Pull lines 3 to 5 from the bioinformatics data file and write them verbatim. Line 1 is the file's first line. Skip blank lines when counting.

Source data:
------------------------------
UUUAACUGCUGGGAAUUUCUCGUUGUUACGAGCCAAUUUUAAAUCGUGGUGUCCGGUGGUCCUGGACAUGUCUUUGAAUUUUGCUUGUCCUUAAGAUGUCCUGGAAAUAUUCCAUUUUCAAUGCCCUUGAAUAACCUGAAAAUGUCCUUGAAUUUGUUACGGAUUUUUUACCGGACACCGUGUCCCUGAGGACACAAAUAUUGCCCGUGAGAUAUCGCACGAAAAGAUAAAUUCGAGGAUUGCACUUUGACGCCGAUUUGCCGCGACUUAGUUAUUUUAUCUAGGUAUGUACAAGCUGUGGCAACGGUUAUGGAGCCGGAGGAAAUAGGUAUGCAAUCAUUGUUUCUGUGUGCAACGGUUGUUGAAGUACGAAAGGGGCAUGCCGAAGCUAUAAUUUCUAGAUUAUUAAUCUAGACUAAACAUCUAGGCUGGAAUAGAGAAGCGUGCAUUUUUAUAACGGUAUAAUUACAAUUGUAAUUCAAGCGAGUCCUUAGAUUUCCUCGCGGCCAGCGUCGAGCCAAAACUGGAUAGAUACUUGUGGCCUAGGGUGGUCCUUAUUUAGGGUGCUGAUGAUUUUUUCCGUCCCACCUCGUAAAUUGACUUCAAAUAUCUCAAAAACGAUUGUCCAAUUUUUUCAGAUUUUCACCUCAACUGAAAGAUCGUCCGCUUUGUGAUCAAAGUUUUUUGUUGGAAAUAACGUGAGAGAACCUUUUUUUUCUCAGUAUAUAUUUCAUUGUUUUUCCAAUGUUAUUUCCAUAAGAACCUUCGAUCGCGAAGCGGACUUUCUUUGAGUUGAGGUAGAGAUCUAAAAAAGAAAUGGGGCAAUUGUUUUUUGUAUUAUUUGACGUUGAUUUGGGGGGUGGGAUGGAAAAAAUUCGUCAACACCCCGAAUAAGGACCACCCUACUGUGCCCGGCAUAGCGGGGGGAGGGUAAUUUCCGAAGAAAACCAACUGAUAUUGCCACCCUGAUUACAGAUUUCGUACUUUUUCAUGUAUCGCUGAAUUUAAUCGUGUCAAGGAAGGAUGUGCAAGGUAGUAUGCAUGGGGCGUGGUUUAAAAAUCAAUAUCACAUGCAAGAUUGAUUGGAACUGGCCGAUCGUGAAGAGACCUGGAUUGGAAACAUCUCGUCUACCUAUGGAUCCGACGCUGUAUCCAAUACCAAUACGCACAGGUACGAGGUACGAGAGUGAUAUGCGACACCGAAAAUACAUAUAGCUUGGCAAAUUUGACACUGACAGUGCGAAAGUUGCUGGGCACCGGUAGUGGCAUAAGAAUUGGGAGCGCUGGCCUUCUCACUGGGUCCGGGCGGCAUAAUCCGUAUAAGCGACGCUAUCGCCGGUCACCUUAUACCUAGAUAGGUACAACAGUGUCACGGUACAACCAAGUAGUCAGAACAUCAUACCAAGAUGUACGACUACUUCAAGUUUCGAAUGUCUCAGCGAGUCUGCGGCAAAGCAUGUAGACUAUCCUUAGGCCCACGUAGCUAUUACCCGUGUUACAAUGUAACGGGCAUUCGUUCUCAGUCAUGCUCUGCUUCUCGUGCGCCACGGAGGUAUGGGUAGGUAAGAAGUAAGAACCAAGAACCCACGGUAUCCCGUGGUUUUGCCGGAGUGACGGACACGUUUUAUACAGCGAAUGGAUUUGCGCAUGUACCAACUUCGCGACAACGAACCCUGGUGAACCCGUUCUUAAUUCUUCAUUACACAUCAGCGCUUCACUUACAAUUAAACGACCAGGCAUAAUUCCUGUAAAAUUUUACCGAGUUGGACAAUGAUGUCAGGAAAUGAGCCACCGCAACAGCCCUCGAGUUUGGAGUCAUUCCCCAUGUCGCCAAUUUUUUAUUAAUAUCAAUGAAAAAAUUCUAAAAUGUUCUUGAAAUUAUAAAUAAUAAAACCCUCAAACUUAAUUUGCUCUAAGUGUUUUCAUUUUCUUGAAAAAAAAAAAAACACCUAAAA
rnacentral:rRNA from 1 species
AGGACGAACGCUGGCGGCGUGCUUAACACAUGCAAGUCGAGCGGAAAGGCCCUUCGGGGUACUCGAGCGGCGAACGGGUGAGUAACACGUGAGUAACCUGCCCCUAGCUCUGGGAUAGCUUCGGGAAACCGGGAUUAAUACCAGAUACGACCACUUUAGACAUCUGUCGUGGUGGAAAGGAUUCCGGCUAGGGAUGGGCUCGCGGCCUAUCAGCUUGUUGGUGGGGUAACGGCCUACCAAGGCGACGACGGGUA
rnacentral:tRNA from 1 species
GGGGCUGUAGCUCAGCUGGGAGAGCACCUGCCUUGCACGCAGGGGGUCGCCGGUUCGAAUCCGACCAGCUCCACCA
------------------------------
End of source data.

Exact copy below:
AGGACGAACGCUGGCGGCGUGCUUAACACAUGCAAGUCGAGCGGAAAGGCCCUUCGGGGUACUCGAGCGGCGAACGGGUGAGUAACACGUGAGUAACCUGCCCCUAGCUCUGGGAUAGCUUCGGGAAACCGGGAUUAAUACCAGAUACGACCACUUUAGACAUCUGUCGUGGUGGAAAGGAUUCCGGCUAGGGAUGGGCUCGCGGCCUAUCAGCUUGUUGGUGGGGUAACGGCCUACCAAGGCGACGACGGGUA
rnacentral:tRNA from 1 species
GGGGCUGUAGCUCAGCUGGGAGAGCACCUGCCUUGCACGCAGGGGGUCGCCGGUUCGAAUCCGACCAGCUCCACCA